Android Enterprise Recommended is a critical tool that helps enterprises analyze, evaluate, and choose devices that meet Google’s benchmarks regarding software, hardware, and updates. By adding Samsung to AER, Google has expanded the device choices that are available to you. This gives you more flexibility when it comes to selecting the devices for your organization. Also, Samsung being a major and one of the most trustworthy players in the mobile device market, it can urge more businesses to deploy mobile workforces.
With this new feature, you can manage all your zero-touch accounts from a single pane of glass, your EMM solution. You no longer have to switch between the zero-touch portal and the EMM console, if your EMM solution includes the zero-touch iframe in their console. With this feature, zero-touch can now detect which EMM solution you are using. This means that zero-touch can now provide smart decisions and recommendations on basis of the EMM solution that you are using. Another plus side of this feature is that it streamlines the pushing of configurations onto a new device. Once both the accounts are linked configurations can be automatically created based on your EMM solution. Previously, pushing configurations or DPC extras was a very fiddly process with a JSON code. This method is now obsolete thanks to this new feature.
To reflect the features mentioned above, Android Solutions Directory has also made some significant changes.
It would be interesting to see how Samsung would play this new integration. KME and zero-touch are two competing solutions. It would be interesting to see how they push both these enrollment methods. This can lead to quite a bit of confusion among the end-users. Because of the native deployment method, KME does provide a degree of flexibility and security that zero-touch cannot provide. But, zero-touch does provide versatility when it comes to device choices.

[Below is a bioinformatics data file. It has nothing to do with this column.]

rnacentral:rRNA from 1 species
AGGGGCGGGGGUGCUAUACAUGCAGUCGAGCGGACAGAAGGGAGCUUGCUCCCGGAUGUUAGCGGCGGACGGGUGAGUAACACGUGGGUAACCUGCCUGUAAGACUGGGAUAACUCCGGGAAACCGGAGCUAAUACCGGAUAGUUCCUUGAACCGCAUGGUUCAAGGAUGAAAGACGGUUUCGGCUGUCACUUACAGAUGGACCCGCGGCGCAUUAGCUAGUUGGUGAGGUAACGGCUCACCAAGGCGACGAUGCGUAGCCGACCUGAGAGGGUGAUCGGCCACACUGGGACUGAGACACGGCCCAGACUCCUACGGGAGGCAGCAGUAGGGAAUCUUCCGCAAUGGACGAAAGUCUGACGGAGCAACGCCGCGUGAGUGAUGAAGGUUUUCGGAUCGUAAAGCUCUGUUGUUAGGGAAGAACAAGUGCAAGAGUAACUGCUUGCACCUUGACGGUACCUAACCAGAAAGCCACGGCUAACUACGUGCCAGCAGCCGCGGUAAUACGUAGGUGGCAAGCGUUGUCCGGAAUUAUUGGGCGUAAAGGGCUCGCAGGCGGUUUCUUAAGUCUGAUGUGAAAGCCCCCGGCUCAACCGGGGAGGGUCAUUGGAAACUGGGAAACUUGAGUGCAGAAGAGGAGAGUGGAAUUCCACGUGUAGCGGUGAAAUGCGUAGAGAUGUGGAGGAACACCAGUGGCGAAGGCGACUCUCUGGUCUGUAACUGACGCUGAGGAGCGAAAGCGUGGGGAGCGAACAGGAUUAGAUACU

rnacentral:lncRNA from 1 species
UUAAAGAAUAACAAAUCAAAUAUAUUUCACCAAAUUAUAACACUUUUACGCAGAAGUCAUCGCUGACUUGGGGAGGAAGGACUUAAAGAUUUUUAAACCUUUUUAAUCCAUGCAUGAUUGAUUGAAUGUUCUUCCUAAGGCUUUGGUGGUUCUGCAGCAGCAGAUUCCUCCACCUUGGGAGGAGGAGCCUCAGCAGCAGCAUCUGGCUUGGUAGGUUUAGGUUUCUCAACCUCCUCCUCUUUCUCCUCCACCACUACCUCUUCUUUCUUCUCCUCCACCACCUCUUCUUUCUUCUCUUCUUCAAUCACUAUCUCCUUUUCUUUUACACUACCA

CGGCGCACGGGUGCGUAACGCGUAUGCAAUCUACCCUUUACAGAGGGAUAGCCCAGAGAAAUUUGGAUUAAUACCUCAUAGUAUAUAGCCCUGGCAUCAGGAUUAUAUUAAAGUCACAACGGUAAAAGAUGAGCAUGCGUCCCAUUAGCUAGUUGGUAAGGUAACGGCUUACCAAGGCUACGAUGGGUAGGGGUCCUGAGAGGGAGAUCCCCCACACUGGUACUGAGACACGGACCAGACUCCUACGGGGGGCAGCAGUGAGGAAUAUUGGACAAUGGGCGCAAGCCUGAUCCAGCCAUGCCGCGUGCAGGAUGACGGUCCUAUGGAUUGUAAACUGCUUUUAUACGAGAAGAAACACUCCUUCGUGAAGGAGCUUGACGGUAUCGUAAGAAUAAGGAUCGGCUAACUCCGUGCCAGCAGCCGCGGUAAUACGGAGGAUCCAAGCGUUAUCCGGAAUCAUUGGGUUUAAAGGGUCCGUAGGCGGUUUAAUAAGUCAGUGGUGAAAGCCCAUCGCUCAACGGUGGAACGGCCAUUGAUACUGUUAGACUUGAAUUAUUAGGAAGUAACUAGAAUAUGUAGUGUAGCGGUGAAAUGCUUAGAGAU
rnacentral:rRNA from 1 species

Just because choice is abundant, doesn’t mean that the IT admin can slack on device vetting. Even though all Android 9.0+ devices should support zero-touch, there might still be OEMs who wouldn’t integrate it because it wouldn’t be technically feasible for them. So, even though zero-touch would be available to them, these devices would be plagued by other issues, like frequent crashes. It is always better to check the devices that are AER validated.
The Android Enterprise team brought forth two, as we said earlier, groundbreaking features. The universal availability of zero-touch is a boon for any organization that is just starting off in its device management journey. It has opened up a world of opportunities for SMBs because it is now easier than ever to go mobile. Talking about easiness, making device configuration easy with the zero-touch iframe is a masterstroke from the AE team. It reduces needless iterations as everything can be managed from a single pane of glass. These changes show that the AE team is listening to its community and bringing about changes that are asked by them. This is a very good sign for things to come and we personally can’t wait for what’s in store.